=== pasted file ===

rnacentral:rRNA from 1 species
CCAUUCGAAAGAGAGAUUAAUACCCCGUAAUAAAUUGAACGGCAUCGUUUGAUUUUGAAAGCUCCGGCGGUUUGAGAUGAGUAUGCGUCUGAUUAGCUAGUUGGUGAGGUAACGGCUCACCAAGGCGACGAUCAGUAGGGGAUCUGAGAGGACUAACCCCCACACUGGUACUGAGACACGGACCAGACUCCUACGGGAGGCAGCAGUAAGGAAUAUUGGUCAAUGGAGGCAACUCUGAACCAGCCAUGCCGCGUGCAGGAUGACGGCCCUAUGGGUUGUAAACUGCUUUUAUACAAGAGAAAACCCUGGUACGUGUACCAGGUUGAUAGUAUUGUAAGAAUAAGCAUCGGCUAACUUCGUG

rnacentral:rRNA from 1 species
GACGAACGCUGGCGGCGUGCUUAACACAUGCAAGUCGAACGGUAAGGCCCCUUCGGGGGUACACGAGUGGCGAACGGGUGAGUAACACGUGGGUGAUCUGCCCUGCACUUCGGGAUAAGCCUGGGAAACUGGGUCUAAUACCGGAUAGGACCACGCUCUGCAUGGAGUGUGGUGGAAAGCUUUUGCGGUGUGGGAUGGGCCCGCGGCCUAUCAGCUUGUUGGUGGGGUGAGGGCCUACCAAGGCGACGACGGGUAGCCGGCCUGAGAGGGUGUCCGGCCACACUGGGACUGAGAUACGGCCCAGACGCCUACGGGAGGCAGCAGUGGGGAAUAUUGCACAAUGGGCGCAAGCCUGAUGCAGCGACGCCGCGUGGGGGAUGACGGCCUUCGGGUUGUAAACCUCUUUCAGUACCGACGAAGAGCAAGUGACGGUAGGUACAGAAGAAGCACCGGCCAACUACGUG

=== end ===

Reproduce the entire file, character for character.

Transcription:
rnacentral:rRNA from 1 species
CCAUUCGAAAGAGAGAUUAAUACCCCGUAAUAAAUUGAACGGCAUCGUUUGAUUUUGAAAGCUCCGGCGGUUUGAGAUGAGUAUGCGUCUGAUUAGCUAGUUGGUGAGGUAACGGCUCACCAAGGCGACGAUCAGUAGGGGAUCUGAGAGGACUAACCCCCACACUGGUACUGAGACACGGACCAGACUCCUACGGGAGGCAGCAGUAAGGAAUAUUGGUCAAUGGAGGCAACUCUGAACCAGCCAUGCCGCGUGCAGGAUGACGGCCCUAUGGGUUGUAAACUGCUUUUAUACAAGAGAAAACCCUGGUACGUGUACCAGGUUGAUAGUAUUGUAAGAAUAAGCAUCGGCUAACUUCGUG

rnacentral:rRNA from 1 species
GACGAACGCUGGCGGCGUGCUUAACACAUGCAAGUCGAACGGUAAGGCCCCUUCGGGGGUACACGAGUGGCGAACGGGUGAGUAACACGUGGGUGAUCUGCCCUGCACUUCGGGAUAAGCCUGGGAAACUGGGUCUAAUACCGGAUAGGACCACGCUCUGCAUGGAGUGUGGUGGAAAGCUUUUGCGGUGUGGGAUGGGCCCGCGGCCUAUCAGCUUGUUGGUGGGGUGAGGGCCUACCAAGGCGACGACGGGUAGCCGGCCUGAGAGGGUGUCCGGCCACACUGGGACUGAGAUACGGCCCAGACGCCUACGGGAGGCAGCAGUGGGGAAUAUUGCACAAUGGGCGCAAGCCUGAUGCAGCGACGCCGCGUGGGGGAUGACGGCCUUCGGGUUGUAAACCUCUUUCAGUACCGACGAAGAGCAAGUGACGGUAGGUACAGAAGAAGCACCGGCCAACUACGUG